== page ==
Protests have been held outside Machynlleth hospital after “iconic and beautiful” trees were felled to make way for “essential construction and drainage work”.

Around 25 people gathered outside the building on Friday morning, the day after Powys Teaching Health Board had overseen the felling of magnolia, cypress, holly and cherry trees that have stood in the grounds for decades.

Police officers attended the protest with contractors due to fell more trees, but that work was halted.

While the health board said the move was “sad but unavoidable” and was needed “so that essential construction and drainage work can take place”, the move sparked outrage from residents, who flooded the health board with complaints, accusing it of “utter community vandalism”.

Among the objections to the move on the health board’s Facebook page, residents said they were “distressed” at the felling of the trees, which will have a “significant negative effect on the wellbeing of everyone who lives here”.

Liz Mutch, of community woodland group Llais y Goedwig, said: “It is a very bittersweet moment as the act cannot be undone.

“It is however thanks to the passionate and persistent protest by the residents of Machynlleth, that this action has been halted.”

The removal of the trees was part of the early stages of a proposed multi-million pound revamp of Machynlleth hospital.

Machynlleth county councillor Michael Williams said he was “very sad and upset” at the felling of the trees, but said he had been “assured” by senior health board officials that it was necessary.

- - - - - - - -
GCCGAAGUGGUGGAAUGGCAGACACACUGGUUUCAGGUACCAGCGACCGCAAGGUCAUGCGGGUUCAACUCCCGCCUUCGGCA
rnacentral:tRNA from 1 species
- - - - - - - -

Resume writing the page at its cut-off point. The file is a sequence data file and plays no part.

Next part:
“I can well understand the feelings of the people who are upset at the removal of the trees,” he told the Cambrian News.

“The magnolia was absolutely magnificent, but I was told the removal was necessary for works to begin to gain planning permission for the hospital redevelopment, which is a crucial improvement that is needed for everyone in the Machynlleth area.”

In a statement, Powys Health Board said the tree felling was “sad but unavoidable”, but later agreed to cease work on the site to allow a “dialogue” with the local community following a “review of operations”.

“We know how important biodiversity is for the communities of Dyfi Valley - particularly as Machynlleth was the first town in Wales to declare a ‘climate emergency’,” the health board said.

“Our own approach to ecology, biodiversity and the climate emergency has been right at the heart of the Ysbyty Bro Ddyfi development.

“Now this is not without its challenges given the age and condition of the current building as well as the constraints of the site - and sadly this has included the need to remove a number of trees at the front of the hospital so that essential construction and drainage work can take place that is essential for a hospital scheme that we know is much needed and long awaited in the town.

“But our ecology plan includes a number of replacement trees, additional landscaping across the hospital site, and the new sensory garden.

“We made sure that this formed part of our planning application, which set out in detail our Tree Protection Plan to ensure careful consideration was given to all trees on the hospital site.”